Emma believes in big romantic love, Sophia believes that love is fake and only ends in heartbreak. They hate each other.
This story is about Sophia coming home from a year abroad and entering into a friend group that has lived on without her. To make it worse, her relationship with Emma is just as strained and bitter as ever. Emma who finds out about a film competition through her school that could help with her film career, rallies her friends to join her. Until Sophia comes in and ruins it all. With a healthy dose of matchmaking and scheming, I Think I Love you contains wonderful amounts of romcom tropes and while the relationships and action might be predictable, it doesn’t change how cute and heartwarming it is.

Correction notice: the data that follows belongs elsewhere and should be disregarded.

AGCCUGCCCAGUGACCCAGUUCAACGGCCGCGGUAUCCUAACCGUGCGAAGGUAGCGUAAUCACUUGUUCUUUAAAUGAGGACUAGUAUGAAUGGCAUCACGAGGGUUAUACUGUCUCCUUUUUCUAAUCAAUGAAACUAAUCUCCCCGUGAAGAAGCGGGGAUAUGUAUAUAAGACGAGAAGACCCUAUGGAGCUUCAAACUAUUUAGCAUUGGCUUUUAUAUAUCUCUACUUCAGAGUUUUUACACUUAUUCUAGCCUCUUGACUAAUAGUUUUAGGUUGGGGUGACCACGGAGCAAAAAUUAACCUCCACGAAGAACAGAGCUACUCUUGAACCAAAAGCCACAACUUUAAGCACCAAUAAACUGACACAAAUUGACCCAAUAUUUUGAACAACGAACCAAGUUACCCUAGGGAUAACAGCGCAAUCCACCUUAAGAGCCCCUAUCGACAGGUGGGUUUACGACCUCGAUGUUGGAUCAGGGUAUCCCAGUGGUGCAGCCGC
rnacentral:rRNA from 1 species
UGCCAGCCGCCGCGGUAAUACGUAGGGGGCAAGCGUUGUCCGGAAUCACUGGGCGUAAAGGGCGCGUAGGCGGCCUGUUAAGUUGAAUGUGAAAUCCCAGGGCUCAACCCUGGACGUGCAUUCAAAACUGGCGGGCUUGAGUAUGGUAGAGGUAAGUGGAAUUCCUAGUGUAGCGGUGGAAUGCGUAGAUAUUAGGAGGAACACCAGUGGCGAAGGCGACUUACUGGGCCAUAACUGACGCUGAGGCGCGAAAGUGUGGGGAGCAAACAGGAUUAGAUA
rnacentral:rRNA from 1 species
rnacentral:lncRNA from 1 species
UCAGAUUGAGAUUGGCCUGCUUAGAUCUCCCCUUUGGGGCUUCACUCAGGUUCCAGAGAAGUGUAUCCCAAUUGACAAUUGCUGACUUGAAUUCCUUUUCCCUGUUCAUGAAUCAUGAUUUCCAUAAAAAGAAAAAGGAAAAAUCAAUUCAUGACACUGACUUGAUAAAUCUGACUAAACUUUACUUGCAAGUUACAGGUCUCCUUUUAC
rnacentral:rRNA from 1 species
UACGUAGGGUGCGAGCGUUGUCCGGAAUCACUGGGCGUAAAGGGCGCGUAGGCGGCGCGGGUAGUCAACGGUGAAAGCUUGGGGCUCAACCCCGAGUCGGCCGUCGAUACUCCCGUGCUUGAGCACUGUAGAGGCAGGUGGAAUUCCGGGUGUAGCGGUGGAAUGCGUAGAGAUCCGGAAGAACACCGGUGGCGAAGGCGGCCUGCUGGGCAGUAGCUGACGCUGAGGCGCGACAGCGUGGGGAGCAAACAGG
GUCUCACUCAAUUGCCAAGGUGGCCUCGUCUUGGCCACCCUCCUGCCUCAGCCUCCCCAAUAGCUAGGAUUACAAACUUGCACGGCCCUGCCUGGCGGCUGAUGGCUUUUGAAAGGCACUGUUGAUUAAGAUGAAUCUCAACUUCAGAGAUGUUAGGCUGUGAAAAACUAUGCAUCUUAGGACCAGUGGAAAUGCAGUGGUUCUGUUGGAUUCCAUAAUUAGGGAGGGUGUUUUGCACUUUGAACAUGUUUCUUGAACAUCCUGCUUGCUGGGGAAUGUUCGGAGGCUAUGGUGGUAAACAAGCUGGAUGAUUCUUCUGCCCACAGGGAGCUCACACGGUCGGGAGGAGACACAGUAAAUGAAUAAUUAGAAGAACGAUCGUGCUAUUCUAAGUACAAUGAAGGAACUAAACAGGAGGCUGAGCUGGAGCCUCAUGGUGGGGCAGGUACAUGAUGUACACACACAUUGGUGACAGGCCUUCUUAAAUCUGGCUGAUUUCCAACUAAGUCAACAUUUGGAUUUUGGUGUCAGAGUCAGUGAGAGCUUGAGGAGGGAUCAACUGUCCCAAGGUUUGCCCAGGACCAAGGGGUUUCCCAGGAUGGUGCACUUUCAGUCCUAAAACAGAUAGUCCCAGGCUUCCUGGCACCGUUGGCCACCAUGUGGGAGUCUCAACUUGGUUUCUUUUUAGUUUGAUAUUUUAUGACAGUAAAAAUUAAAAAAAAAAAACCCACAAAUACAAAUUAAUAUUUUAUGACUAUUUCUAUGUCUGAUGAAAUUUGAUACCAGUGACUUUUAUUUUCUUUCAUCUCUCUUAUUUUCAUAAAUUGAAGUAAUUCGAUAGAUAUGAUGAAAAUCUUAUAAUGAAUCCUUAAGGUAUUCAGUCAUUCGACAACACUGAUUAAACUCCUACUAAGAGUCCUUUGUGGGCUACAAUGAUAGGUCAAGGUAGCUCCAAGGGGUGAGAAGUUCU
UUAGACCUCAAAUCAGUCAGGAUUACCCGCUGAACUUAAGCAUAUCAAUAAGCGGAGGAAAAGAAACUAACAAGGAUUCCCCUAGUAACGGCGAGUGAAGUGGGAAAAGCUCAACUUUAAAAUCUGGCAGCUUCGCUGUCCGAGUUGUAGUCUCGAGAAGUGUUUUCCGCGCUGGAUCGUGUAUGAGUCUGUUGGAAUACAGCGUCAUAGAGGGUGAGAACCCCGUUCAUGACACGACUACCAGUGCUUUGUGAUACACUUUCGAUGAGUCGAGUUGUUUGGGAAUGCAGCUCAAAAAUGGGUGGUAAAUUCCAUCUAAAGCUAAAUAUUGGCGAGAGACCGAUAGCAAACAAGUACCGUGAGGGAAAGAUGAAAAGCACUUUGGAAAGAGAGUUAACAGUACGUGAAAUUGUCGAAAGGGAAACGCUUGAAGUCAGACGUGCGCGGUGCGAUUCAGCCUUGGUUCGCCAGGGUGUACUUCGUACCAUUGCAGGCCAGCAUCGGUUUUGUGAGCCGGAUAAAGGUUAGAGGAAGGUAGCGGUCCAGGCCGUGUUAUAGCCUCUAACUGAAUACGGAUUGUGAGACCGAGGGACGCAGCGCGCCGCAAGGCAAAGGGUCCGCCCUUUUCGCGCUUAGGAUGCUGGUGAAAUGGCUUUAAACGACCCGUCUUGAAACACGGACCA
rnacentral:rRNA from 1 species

I loved that the friends’ lives were not dropped off or forgotten, I love that the parents had a prominent role, and I love that it was messy and cute just like love is. I think there is a good use of setting examples of good and bad behavior and how to confront people, and I think this book addresses a lot of things that young readers are experiencing. But I think the most special thing about this book is that it’s for the queer kids who just want to see themselves reflected in the media they consume. A book about a proud bisexual girl is unbelievably amazing and it deserves to be read by all of the out, in, and questioning people.